Deaths of Richland County couple suspected to be carbon monoxide poisoning

WASHINGTON TOWNSHIP - Two people found dead Wednesday morning at their 2551 Touby Road residence, the apparent victims of carbon monoxide poisoning, have been identified.

The victims were identified as Cody Keller, 29, and Megan Keller, 34, according to the Richland County Coroner's Office.

Bob Ball, an investigator for the coroner's office, said the husband and wife did not report to work Wednesday and the Richland County Sheriff's Office and Washington Township squad were called to the residence for a well-being check. Megan was the Safety Administrative Supervisor with the Wooster Police Department.

Officials found the two individuals deceased.

"There's still very, very strong readings in the house," Ball said. "It's very sad."

Family members stood on the front lawn hugging each other as the coroner, deputies and firefighters conducted their investigations.

The Wooster Police Department issued the following statement Wednesday afternoon:

"It is with great sadness that I announce the passing of our friend Megan Keller. Megan was the Safety Administrative Supervisor of the Wooster Police Department since 2012. She was hired in 2006 as a Clerical Specialist before being promoted to the Supervisory position. Megan was the evidence custodian of the Wooster Police Department and an integral part of the daily operations of the agency. She was a hard worker and always made sure things were done right. Her smile, laugh and thoughtfulness will be greatly missed by those who knew her best."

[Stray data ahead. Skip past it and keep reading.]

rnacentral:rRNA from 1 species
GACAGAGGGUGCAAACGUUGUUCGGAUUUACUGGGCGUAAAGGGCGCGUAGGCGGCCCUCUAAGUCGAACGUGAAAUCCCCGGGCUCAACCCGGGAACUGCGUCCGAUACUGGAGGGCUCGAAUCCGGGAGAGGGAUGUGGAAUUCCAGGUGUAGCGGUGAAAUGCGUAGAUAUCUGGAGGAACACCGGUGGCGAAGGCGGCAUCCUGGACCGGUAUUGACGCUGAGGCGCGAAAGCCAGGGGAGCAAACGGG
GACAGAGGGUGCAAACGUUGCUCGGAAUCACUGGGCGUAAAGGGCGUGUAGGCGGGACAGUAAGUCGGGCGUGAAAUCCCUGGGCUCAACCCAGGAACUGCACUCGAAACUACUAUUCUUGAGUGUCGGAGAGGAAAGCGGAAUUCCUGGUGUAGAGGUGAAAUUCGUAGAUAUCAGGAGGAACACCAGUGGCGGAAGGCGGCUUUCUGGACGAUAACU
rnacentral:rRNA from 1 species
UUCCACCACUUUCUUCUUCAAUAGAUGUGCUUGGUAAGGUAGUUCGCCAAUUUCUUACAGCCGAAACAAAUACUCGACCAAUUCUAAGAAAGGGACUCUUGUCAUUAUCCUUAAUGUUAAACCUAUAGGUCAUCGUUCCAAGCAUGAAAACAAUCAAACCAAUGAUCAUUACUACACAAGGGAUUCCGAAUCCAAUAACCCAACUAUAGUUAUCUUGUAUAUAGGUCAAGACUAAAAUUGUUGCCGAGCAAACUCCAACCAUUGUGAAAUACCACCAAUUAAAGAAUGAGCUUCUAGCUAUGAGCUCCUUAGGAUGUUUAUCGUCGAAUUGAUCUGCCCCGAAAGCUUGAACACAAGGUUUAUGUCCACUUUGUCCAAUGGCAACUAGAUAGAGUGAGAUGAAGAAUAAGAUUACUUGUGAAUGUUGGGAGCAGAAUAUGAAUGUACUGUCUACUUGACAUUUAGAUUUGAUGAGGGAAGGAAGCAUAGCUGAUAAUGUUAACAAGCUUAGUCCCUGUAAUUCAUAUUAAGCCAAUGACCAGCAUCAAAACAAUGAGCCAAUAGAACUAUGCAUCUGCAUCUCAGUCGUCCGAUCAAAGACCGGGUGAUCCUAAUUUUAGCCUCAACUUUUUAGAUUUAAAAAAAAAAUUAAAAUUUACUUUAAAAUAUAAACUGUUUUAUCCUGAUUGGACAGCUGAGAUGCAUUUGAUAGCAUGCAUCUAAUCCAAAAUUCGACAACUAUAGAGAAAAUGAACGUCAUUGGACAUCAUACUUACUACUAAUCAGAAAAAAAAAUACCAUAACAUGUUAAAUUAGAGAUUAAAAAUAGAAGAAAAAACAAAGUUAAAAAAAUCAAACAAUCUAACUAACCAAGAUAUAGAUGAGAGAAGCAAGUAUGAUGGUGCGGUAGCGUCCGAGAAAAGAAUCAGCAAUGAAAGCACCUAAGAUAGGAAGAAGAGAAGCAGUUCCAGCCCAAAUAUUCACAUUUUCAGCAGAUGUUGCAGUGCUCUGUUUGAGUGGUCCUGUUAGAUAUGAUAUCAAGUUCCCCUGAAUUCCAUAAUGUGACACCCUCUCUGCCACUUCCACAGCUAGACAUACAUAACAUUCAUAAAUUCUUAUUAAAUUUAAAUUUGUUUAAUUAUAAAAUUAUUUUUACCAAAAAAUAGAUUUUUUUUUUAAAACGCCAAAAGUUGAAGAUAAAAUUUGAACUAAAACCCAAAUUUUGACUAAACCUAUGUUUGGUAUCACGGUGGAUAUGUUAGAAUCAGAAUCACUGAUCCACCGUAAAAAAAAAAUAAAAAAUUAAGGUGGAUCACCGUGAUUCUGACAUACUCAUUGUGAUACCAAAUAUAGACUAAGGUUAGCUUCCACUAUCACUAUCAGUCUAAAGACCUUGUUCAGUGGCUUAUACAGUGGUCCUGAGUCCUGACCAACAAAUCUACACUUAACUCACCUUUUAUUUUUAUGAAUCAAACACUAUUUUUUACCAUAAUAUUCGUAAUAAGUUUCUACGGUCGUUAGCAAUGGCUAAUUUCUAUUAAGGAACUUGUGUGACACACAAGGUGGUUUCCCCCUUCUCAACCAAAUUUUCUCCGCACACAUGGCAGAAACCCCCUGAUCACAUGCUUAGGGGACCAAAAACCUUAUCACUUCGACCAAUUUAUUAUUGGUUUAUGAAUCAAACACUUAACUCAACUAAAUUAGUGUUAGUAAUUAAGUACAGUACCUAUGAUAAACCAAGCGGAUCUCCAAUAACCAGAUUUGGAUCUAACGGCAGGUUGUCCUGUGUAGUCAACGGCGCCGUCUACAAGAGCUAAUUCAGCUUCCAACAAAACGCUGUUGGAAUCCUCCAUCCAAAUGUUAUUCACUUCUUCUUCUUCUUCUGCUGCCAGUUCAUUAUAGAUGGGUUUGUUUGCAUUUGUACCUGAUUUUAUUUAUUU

Carbon monoxide poisoning occurs when carbon monoxide builds up in a person's bloodstream. When too much carbon monoxide is in the air, the body replaces the oxygen in red blood cells with carbon monoxide. This can lead to serious tissue damage, or even death, according to Mayoclinic.com

Carbon monoxide is a colorless, odorless, tasteless gas produced by burning gas, wood, propane, charcoal or other fuel. Improperly ventilated appliances and engines, particularly in a tightly sealed or enclosed space, may allow carbon monoxide to accumulate to dangerous levels.

Their bodies will be sent for autopsies to the Montgomery County Medical Examiner's Office, Ball said.

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